Self-Employed Mortgages

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Self-Employed Mortgages

Self-Employed mortgages with Steven Hargreaves.

Is it harder to get a mortgage if you are Self-Employed?

It can be, but it depends which lenders you approach. You may be very lucky and approach the correct lender for your circumstance, first time, but most lenders’ have varying criteria for Self-Employed applicants. One lender may find it a significant issue, yet another would be happy to assist.

During 2020 and most of 2021 Lenders were cautious about lending to the Self-Employed, and introduced a more rigorous application process, mainly due to Covid pandemic, but the majority of lenders have now reverted to the criteria pre-covid.

What if I only have one year’s accounts can I still get a mortgage?

There are lenders that will accept one year’s accounts, but there aren’t many. Most lenders would require two years. A lot of lenders may look at the broader picture rather than just focussing on your short term Self-Employed status.

Are Self-cert mortgages still available?

No, they haven’t been available for some time and the majority of lenders don’t expect them to return.

Can you get a joint mortgage if one person is Self-Employed?

Yes you can, although they way the lender assesses your income may differ.

If you are Self-Employed, running a Limited Company, the Lender may assess your affordability using your salary and dividends or your retained profit. If you’re a Sole Trader, they would use your net profit.

If you’re employed, the lender would use your gross salary.

As you can see from the above, two individuals earning the same salary could be assessed differently by the Lender, because they consider the gross income of the employed individual but use the net income (after tax & NI) for the self employed person.

When assessing a Self-Employed applicant it’s important to establish whether it’s a Limited company and if so, whether they’re a hundred percent shareholder, or whether they are a Sole Trader, as that will all be taken into account when assessing affordability. This is why a lot of Self-Employed people think it’s trickier getting a mortgage, but approaching the right lender who looks at their income favourably can make it much easier.

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What is the difference between someone who is Self-Employed and a Limited Company Director?

A Limited Company Director would normally be somebody that is a 20% or more shareholder of the company. A Limited Company Director is also assessed slightly differently to a Sole Trader. Many Company Directors take a small basic salary which is topped up with dividends, and some lenders will assess this income.

Other lenders may use the retained net profits of the company, so they would look at that individual’s share of that company’s profits. This sometimes means they achieve significantly more affordability than when the lender is looking solely at their dividends and basic salary.

What documents do I need when applying for a Self-Employed mortgage?

This is fairly standard right across the board, the majority of lenders would want what they call SA302 (tax year overview and tax calculations) which you can obtain from HMRC or via your accountant, who would normally have their own system. The lender may also want to see accounts for the business to assess its performance.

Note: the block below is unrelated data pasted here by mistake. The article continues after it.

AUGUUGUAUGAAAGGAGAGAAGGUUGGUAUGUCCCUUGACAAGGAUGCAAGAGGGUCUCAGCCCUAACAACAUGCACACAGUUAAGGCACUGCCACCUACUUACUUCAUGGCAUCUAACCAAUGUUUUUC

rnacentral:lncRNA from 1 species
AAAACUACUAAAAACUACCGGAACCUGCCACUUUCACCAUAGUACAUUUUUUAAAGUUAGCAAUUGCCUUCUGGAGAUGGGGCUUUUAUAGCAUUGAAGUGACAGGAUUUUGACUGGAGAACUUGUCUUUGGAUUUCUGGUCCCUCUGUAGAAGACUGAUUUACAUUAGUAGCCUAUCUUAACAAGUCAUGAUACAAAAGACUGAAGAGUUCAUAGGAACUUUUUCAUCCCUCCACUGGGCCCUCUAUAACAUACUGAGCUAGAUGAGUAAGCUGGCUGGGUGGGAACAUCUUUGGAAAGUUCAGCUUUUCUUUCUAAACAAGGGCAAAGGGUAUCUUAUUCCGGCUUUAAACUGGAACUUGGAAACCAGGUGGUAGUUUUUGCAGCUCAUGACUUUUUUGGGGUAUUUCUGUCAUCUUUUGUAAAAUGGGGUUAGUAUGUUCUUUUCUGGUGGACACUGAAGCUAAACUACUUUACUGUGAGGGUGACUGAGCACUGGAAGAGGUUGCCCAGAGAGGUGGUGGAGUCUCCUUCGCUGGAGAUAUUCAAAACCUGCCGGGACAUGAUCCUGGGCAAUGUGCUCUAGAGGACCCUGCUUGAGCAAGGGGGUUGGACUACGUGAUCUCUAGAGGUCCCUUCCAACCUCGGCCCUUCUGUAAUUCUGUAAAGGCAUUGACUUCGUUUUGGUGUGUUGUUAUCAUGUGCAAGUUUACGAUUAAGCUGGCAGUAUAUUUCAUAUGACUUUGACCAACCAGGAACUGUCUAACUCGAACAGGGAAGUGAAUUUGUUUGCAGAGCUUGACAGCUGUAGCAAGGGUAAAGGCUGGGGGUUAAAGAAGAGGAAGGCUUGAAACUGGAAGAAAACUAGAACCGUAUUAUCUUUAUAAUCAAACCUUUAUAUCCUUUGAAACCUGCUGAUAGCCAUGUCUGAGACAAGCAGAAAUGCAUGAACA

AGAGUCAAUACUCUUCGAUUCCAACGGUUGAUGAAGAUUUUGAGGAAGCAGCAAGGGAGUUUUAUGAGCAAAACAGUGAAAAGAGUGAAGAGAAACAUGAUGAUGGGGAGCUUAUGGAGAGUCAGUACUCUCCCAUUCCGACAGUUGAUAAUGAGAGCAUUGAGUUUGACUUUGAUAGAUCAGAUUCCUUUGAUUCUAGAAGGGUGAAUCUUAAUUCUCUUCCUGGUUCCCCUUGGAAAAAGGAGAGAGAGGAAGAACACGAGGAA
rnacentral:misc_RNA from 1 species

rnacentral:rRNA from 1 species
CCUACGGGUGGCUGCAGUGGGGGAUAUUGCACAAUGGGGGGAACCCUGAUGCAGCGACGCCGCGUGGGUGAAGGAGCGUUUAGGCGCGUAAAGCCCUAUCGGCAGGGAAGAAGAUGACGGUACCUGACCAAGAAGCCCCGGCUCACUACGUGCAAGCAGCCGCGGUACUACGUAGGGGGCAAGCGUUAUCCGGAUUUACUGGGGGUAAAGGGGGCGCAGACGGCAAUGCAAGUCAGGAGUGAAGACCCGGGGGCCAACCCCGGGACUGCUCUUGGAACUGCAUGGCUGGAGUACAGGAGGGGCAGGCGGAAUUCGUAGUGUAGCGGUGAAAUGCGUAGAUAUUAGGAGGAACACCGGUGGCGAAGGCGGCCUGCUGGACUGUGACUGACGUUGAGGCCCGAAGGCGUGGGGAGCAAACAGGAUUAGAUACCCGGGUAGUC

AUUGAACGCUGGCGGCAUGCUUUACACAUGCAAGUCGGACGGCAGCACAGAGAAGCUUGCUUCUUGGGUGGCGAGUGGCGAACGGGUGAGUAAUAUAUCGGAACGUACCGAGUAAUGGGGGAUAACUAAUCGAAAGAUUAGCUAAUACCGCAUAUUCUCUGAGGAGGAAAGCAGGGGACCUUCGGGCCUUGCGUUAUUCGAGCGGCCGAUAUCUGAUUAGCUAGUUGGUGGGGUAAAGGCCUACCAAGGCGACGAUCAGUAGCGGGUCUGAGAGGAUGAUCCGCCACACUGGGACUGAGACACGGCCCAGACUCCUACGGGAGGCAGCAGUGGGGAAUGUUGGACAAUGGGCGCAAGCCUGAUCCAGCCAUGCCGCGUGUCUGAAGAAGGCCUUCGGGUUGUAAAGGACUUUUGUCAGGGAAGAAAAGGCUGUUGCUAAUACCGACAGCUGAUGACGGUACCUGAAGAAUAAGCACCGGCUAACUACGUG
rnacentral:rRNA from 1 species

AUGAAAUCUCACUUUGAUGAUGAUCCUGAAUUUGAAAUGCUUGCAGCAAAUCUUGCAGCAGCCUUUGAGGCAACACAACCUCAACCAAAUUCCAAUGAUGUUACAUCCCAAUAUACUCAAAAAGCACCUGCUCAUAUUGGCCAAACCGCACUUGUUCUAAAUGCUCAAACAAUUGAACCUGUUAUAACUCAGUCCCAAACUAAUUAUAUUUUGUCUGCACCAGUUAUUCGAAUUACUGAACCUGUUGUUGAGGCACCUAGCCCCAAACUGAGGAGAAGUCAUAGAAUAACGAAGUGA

For example, a Limited Company Director who is a 100% shareholder (owns the whole company) and on a large salary, would not necessarily be able to borrow based on that full salary, if the business is making a loss. The Director can pay himself whatever salary he want but this doesn’t mean that the Company can afford to pay it or that the wages are sustainable and that’s why Lenders look at the performance and profits of the business.

It is worth speaking to your accountant and getting a copy of the last two years accounts, tax reviews and tax calculations prior to speaking to a broker, because with that sort of information we can ordinarily work out how much you can borrow, and approach a lender that specifically assesses your situation favourably.

Is Buy to Let available for the Self-Employed?

Yes. It actually may be a little bit easier in a lot of cases, because the majority of Buy to Let lenders assess the mortgage based on the expected income from the property itself, rather than your own personal income. They’re more interested with how much yield (or rent) that property will provide, and will work their assessments and calculations based on that. Some lenders require tax overviews and tax calculations, but others may not, if they are satisfied with the yield.

How does Remortgaging work for the Self-Employed?

Again, there are no differences whatsoever compared with an employed person. You are asked to provide evidence of your earnings, so for an employed applicant you’ll be asked for the last three months payslips and the latest P60, whereas a Self-Employed applicant would need to present their accounts or tax calculations.

Each lender has slightly different criteria and it can be really beneficial seeking out a Mortgage Broker to help you find the lender who looks at your income more favourably, as this may have a huge impact on the amount you’re able to borrow. Whether you run a Limited Company or are a Sole Trader seeking independent mortgage advice is highly recommended.